Section 307(d)(7)(B) of the CAA further provides a mechanism for EPA to convene a proceeding for reconsideration, “if the person raising the objection can demonstrate to the Administrator that it was impracticable to raise such objection within the period for public comment or if the grounds for such objection arose after the period for public comment (but within the time specified for judicial review) and if such objection is of central relevance to the rule.” Any person seeking to make such a demonstration to EPA should submit a Petition for Reconsideration to the Office of the Administrator, U.S. EPA, Room 3000, Ariel Rios Building, 1200 Pennsylvania Ave., NW., Washington, DC 20460, with a copy to both the person listed in the preceding FOR FURTHER INFORMATION CONTACT section and the Director of the Air and Radiation Law Office, Office of General Counsel (Mail Code 2344-A), U.S. EPA, 1200 Pennsylvania Ave., NW., Washington, DC 20004.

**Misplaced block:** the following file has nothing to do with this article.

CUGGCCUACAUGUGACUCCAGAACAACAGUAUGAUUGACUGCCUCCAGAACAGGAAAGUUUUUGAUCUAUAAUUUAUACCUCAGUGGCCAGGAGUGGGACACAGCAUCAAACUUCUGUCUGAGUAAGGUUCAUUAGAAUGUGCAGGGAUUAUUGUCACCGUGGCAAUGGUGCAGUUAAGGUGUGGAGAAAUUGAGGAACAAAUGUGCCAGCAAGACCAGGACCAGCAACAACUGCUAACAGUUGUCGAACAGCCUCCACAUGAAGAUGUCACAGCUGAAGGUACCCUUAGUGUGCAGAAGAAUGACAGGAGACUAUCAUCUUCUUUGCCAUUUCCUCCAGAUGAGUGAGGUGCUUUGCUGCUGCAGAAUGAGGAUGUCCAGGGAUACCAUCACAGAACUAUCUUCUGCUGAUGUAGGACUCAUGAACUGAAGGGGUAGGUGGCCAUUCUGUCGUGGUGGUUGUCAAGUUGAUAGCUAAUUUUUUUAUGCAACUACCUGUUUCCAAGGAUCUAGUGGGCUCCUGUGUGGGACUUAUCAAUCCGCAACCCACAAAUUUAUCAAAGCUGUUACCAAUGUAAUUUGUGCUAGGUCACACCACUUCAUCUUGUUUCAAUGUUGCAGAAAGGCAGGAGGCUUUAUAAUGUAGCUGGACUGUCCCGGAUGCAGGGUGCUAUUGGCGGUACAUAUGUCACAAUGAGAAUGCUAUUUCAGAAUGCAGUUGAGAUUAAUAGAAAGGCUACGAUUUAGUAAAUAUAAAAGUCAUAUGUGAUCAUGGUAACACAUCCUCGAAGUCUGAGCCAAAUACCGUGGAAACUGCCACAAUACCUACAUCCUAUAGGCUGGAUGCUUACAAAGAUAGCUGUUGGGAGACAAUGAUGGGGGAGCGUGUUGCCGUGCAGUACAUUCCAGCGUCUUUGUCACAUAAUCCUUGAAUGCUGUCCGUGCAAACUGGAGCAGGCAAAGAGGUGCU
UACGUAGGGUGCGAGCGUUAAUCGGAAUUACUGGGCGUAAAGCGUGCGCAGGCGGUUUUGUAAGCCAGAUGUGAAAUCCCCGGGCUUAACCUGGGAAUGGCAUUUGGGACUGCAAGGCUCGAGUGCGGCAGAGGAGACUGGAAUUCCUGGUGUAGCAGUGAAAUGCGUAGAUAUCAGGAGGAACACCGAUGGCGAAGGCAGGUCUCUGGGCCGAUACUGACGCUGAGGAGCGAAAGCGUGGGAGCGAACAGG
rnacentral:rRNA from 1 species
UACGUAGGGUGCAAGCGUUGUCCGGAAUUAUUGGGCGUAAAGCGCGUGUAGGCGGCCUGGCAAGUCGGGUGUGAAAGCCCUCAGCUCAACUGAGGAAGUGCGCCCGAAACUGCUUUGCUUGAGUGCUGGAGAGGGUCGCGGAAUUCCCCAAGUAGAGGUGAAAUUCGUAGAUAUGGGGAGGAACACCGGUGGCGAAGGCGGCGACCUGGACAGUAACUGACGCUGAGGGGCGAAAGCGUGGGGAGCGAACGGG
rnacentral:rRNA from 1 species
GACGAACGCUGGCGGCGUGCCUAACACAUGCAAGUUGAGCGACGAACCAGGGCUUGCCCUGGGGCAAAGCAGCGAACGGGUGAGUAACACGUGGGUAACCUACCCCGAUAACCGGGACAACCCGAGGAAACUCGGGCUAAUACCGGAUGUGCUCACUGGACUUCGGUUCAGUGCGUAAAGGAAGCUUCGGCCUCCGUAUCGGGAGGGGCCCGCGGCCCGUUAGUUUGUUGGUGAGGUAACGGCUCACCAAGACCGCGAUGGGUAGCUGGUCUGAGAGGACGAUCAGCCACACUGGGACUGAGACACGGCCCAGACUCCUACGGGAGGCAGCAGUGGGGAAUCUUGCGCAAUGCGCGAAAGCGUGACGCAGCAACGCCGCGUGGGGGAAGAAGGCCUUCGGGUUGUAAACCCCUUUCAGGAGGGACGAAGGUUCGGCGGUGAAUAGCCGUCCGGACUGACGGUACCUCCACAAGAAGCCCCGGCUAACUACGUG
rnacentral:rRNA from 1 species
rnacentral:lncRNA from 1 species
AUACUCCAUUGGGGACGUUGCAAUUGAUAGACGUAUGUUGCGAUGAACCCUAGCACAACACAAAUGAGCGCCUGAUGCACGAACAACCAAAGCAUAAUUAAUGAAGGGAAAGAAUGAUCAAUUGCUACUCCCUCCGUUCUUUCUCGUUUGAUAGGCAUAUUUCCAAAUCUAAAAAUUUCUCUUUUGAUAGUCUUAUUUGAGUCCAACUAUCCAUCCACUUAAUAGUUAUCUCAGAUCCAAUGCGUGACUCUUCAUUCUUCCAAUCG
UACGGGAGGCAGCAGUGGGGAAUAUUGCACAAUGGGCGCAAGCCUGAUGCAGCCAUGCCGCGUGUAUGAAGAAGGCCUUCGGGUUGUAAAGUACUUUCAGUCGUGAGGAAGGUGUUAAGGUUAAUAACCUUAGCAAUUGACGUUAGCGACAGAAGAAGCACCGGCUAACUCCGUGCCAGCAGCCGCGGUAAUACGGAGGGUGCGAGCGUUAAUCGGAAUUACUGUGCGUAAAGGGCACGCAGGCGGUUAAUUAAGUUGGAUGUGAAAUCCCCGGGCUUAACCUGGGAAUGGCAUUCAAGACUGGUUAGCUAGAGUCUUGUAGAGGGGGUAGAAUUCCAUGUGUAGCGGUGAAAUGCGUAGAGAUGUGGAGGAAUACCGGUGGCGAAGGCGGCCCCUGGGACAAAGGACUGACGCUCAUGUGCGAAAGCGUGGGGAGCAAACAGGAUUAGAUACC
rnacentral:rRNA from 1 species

I. What Action Is EPA Taking?

In today's action, EPA is withdrawing the direct final rule published on November 7, 2008 (73 FR 66184) and taking final action on the proposed rule on national VOC emission standards for aerosol coatings, published on November 7, 2008 (73 FR 66209).

First, because we received an adverse comment on the direct final rule and parallel proposal, the direct final rule is being withdrawn.